Czech Republic coronavirus updates, Dec. 7: PES score rises, more students return to school

The Czech Republic's PES level increases to 64, may force stricter lockdown measures.

Samantha Tatro

Written by Samantha Tatro Published on 07.12.2020 08:42:00 (updated on 07.12.2020) Reading time: 4 minutes

The Czech Republic may face stricter restrictions if the PES score stays above 60 the next few days, and as more students head back to school today. Officials warn its a ticking bomb.

The country reported 3,312 new COVID-19 cases on Saturday and 1,113 new COVID-19 cases on Sunday. Though the number of new cases were the lowest of the week, the number of tests conducted on the weekend remains low; only 12,804 tests were conducted on Saturday. Sunday's testing numbers will be revealed tomorrow.

Despite the low number of cases, the country's positivity rate hit the highest percentage of the past 14 days on Saturday with a reported 25.8 percent of people testing positive for the virus.

As a result, on Sunday, the Czech Republic's PES anti-epidemic index score rose by seven points to 64. The score corresponds to the stricter fourth level of anti-COVID-19 measures, and, if the score remains above 60 for the coming days, officials may put in place tighter measures.

The PES score rose because the reproduction number (R number) exceeded 1.0 and the percentage of positive cases reached a new high as well, according to the Health Ministry.

In light of this data, many are concerned that more students heading back to school this Monday will be a sort of ticking time bomb for the virus, according to Seznam Zpravy.

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Starting today, high school students and first-year university students can now return to the classroom, but it is at the discretion of each school director to allow students back. In high schools, conservatories and higher vocational schools, students will alternate weeks of full-time teaching, according to Seznam. In universities, students can return to the class only if there are less than 20 people in the classroom.

For immunologist Václav Hořejší, reopening the schools will no doubt cause an increase in cases.

"But I can't say whether the opening will contribute five percent or thirty, but the role in the spread of the disease in students is that they are mostly asymptomatic, it's a time bomb," immunologist Václav Hořejší told Seznam Zpravy." Children from secondary school to university often show no signs of infection and are mild. They don't know it and spread it further."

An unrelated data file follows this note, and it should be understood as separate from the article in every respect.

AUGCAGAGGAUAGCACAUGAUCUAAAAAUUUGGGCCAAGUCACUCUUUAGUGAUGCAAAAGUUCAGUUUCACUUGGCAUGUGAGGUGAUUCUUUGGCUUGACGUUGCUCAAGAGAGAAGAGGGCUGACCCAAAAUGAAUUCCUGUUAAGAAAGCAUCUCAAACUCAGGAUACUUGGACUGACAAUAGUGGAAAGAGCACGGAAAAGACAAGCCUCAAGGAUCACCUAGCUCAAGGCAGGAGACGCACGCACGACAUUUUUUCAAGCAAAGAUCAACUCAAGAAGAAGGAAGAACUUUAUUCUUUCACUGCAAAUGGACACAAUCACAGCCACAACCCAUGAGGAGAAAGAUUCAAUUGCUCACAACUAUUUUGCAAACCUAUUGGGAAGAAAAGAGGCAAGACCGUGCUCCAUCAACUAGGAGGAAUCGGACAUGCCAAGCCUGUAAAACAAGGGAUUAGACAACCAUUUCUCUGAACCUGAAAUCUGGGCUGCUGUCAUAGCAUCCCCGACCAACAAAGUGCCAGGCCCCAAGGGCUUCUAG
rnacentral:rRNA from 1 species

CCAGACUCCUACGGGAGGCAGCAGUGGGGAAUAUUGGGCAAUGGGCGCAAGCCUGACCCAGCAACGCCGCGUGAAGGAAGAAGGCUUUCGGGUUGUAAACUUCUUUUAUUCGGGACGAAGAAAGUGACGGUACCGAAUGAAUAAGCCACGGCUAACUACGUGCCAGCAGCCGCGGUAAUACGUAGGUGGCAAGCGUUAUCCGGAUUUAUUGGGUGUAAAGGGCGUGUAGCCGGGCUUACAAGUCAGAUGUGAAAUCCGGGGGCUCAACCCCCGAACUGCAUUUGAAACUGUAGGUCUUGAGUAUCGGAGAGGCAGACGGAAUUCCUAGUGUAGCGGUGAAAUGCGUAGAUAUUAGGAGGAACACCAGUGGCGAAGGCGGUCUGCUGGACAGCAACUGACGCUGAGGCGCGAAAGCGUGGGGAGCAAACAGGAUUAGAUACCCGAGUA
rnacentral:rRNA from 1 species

In the meantime, Czech officials have finally made a conclusion about the reopening of ski resorts. Czech Health Minister Jan Blatný announced this weekend that ski resorts in the country will be allowed to open six days earlier than originally planned.

Officials will announce further ski resort-specific regulations on Monday, but according to initial information, operators will have to ensure distances between people waiting for ski lifts are kept, along with other measures. Refreshment kiosks are not likely to be open.

"We made an effort to give people who want to go skiing an opportunity to get to the mountains before Christmas, since we believe that most of them actually go there to practice sport and not just for evening entertainment," Blatný said, adding that the earlier opening will help operators get used to the new restrictions.

Since March, the Czech Republic has reported a total of 546,833 COVID-19 cases, the majority of which were reported in September and October. Of those, there have been 478,094 recoveries, with 59,837 known active cases.

The number of patients in hospitals has been steadily decreasing as well. There are currently 4,179 COVID-19 patients in Czech hospitals, with 553 of those in serious condition.

The most-affected region in the Czech Republic over the past two weeks by far continues to be Havlíčkův Brod, which has reported about 510 new cases per 100,000 residents over the past week.

The Czech Republic is no longer the most affected state in the EU; the country now ranks far below countries like Lithuania, Slovenia and Croatia, with about 501 COVID-19 cases per 100,000 residents, according to the European Centre for Disease Prevention and Control.

Luxembourg has the worst COVID-19 situation in the EU right now with more than 1,100 cases per 100,000 in the past 14 days; Croatia is not far behind.

The Czech government will discuss a proposal regarding full compensation of wages for people with COVID-19 who must stay at home this week, Deputy Prime Minister Karel Havlíček (ANO) told Lidové noviny (LN) over the weekend.

This measure aims to motivate people to undergo COVID-19 testing. The antigen test will be free to the public starting December 18. Currently, people who test positive for COVID-19 are put into home isolation, on sick leave, and receive just 60-percent of their wages. Read more about the proposal here.

In science news, Czech scientists have created a special paper that effectively kills bacteria and viruses including the virus which causes COVID-19 within half an hour, reports the Czech Academy of Sciences.

The paper, infused with a mixture of zinc and silver, could potentially be used in healthcare facilities or even in the manufacturing of banknotes and other shared paper products to minimize the risk of exposure to viruses.

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